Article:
Breaking Faith: Disrupted Expectations and Ownership in Stephenie Meyer’s Twilight Saga

  • Rachel Hendershot Parkin
Keywords: Twilight, Stephenie Meyer, faith, ownership

Abstract

My paper suggests that the Twilight saga’s enormous popularity is closely tied to its author’s tension-filled relationship with her fans, who claim ownership of her text by forcing their own interpretations through online media.  The result is that through engaging with her fans, Stephenie Meyer actually empowers the Twilight fandom and alters the role readers play in the tri-part relationship of reader, author, and text.  Fan studies and reception theory help me to effectively examine this dynamic by considering interpretations of what is “canon,” representations of women, and the creation of new Twilight books.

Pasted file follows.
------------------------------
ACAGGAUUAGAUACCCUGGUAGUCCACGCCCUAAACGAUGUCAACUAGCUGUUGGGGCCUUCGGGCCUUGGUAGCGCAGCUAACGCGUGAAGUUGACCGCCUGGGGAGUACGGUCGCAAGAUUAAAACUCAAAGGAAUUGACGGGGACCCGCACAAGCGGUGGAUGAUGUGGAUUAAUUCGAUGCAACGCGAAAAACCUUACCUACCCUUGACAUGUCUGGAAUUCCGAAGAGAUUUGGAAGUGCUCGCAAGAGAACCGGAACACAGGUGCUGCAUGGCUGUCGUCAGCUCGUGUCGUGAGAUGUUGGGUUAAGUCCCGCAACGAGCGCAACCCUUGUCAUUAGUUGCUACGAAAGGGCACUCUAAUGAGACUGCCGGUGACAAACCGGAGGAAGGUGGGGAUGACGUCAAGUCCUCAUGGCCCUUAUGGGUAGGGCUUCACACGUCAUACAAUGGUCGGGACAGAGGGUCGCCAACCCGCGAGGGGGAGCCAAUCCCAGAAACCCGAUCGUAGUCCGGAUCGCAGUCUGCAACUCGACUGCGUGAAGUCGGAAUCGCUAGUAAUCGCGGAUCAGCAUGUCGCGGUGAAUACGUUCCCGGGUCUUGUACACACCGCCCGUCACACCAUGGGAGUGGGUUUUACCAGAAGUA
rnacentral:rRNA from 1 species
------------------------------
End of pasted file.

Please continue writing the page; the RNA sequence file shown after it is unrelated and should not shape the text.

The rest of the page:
Author Biography

Rachel Hendershot Parkin

Rachel Hendershot Parkin graduated from Kansas State University with a B.A. in English and Women’s Studies in 2005, and subsequently worked as a Youth Information Specialist at a busy public library in Overland Park, Kansas. She earned her M.A. in Children’s Literature from Kansas State University in 2009, where her research interests included folktales, fantasy literature, and fan studies. She is currently working on her J.D. degree at the University of Montana School of Law.

Published
2010-10-21
How to Cite
Parkin, R. (2010). Breaking Faith: Disrupted Expectations and Ownership in Stephenie Meyer’s Twilight Saga. Jeunesse: Young People, Texts, Cultures, 2(2). Retrieved from http://jeunessejournal.ca/index.php/yptc/article/view/50
Section
Articles